‘Europe is looking for security of supply, but we don’t have security of demand,’ he told the Offshore Northern Seas conference in Norway on 27 August. Speaking via a satellite link-up from Algiers, he told the conference that gas producers outside the EU ‘need a clear signal from the European Commission’ that they can have access to final consumers.

Non-EU gas suppliers are concerned that the liberalisation of the EU energy market will result in a dramatic decline in upstream gas investment since the open market will favour short-term contracts over long-term sales agreements, which are more likely to include upstream development and investment commitments by the offtaker. In his speech, Khelil complained that Algeria was not consulted when the EU liberalised its energy markets. ‘We were asked suddenly to change the conditions we play under,’ he said. ‘I’m expected to spend $2,000 million-3,000 million [for the development of gas facilities] and I don’t have any commitments on the other side.’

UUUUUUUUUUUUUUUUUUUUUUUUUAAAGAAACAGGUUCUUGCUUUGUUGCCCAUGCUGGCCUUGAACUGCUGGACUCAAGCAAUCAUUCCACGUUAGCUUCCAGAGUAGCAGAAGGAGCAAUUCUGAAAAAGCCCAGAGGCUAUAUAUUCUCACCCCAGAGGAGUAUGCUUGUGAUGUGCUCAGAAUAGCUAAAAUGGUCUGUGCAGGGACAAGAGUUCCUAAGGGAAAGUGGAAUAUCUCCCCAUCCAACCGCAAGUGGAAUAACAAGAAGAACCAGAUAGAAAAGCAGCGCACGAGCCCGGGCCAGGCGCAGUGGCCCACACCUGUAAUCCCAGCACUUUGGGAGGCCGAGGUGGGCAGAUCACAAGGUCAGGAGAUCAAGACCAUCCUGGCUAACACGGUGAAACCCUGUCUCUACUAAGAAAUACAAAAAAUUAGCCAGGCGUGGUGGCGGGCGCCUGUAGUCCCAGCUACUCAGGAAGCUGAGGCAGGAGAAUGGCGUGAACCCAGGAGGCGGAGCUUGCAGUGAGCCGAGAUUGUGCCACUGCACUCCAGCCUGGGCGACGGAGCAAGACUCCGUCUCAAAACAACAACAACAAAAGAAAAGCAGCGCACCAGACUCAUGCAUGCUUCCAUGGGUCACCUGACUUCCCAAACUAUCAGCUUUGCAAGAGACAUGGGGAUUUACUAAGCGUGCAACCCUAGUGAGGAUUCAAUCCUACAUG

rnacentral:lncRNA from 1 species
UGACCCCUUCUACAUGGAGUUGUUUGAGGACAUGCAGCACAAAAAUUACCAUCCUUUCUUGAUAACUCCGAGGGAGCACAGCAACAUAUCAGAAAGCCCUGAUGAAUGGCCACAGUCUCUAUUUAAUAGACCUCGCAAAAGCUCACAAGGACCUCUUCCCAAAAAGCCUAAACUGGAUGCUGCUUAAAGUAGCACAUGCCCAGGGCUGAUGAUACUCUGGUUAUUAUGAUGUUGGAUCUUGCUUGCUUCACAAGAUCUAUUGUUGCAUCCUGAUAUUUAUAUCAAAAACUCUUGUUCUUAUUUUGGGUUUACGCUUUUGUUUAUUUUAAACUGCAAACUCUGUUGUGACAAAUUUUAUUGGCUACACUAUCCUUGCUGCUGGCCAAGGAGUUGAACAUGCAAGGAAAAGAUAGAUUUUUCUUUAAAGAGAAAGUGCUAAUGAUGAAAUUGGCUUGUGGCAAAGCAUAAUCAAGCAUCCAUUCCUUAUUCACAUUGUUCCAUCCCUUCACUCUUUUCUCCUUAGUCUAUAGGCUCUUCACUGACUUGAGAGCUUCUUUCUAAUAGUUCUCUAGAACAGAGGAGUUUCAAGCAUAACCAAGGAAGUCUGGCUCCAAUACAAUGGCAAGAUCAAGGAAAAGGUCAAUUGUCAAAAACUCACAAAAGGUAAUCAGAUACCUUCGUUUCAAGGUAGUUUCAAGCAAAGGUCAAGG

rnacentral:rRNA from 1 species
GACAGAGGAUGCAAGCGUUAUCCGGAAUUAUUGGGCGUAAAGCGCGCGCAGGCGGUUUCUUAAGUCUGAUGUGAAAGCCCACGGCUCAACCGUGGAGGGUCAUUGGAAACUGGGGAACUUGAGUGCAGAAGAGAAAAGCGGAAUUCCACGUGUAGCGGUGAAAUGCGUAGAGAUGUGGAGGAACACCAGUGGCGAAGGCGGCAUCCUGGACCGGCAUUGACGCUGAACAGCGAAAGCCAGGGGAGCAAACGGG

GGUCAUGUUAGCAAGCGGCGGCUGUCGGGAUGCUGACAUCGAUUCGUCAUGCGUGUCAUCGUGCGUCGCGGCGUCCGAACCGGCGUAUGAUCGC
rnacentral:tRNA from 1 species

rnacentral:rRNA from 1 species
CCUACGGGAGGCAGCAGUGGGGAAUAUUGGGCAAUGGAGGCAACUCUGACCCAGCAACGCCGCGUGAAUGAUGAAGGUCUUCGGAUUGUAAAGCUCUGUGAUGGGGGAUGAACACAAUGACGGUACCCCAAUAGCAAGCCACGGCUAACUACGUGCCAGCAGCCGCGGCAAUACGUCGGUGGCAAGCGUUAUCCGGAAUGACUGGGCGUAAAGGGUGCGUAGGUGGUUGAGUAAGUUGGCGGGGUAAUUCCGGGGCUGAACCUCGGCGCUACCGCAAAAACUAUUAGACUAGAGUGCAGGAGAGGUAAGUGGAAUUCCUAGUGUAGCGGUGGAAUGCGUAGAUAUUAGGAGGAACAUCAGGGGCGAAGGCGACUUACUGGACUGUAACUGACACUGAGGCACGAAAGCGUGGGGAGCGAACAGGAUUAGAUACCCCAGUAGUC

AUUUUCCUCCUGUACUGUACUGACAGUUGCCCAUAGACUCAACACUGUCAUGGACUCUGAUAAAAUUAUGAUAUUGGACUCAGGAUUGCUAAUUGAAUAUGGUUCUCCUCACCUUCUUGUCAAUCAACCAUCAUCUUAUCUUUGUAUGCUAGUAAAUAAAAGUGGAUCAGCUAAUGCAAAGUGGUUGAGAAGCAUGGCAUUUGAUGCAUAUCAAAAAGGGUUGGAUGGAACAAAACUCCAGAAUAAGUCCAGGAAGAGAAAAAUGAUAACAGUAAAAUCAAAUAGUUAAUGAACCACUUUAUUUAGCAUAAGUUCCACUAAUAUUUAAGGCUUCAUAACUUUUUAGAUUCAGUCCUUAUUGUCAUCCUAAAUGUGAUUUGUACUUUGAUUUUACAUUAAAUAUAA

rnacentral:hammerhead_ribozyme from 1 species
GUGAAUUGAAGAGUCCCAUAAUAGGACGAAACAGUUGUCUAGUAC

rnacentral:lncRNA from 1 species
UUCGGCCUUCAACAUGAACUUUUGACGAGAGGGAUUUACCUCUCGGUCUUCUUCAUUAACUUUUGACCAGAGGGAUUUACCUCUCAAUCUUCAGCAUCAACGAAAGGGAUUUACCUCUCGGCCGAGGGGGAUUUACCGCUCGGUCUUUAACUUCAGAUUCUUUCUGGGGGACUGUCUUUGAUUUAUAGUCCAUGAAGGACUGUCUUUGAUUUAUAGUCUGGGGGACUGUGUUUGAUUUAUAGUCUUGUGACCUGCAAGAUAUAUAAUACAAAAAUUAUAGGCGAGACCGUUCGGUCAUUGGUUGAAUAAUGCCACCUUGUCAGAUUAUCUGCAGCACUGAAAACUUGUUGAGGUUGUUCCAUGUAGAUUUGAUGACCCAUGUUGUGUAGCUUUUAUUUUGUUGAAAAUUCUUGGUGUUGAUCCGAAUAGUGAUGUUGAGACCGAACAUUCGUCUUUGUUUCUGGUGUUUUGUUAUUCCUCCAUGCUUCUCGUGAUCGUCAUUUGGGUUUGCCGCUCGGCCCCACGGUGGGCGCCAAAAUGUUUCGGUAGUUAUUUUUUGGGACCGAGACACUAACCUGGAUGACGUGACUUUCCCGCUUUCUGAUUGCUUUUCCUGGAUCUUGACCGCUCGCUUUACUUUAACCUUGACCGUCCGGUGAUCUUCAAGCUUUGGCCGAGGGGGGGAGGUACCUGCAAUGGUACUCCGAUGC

Algeria has encountered stiff opposition from the EU over its insistence on including a destination clause in long-term take or pay contracts, to prevent the offtaker from selling on surplus imported Algerian gas. Under pressure from Brussels, which says the destination clause contravenes the single market logic of EU gas liberalisation, Russia has said it may drop the destination clause in its overseas gas sales contracts (Oil and Gas, MEED Special Report, 15:3:02).

There are also concerns that the liberalised market will lead to a price war between gas exporters. But Khelil ruled out the idea that Russia, Norway and Algeria, who are due to meet in Algiers on 6-7 September together with representatives from Libya and Egypt, would set up a gas producers’ equivalent of OPEC. The September meeting will be the second time since the start of the year that representatives of gas producing countries have gathered for discussions in Algiers.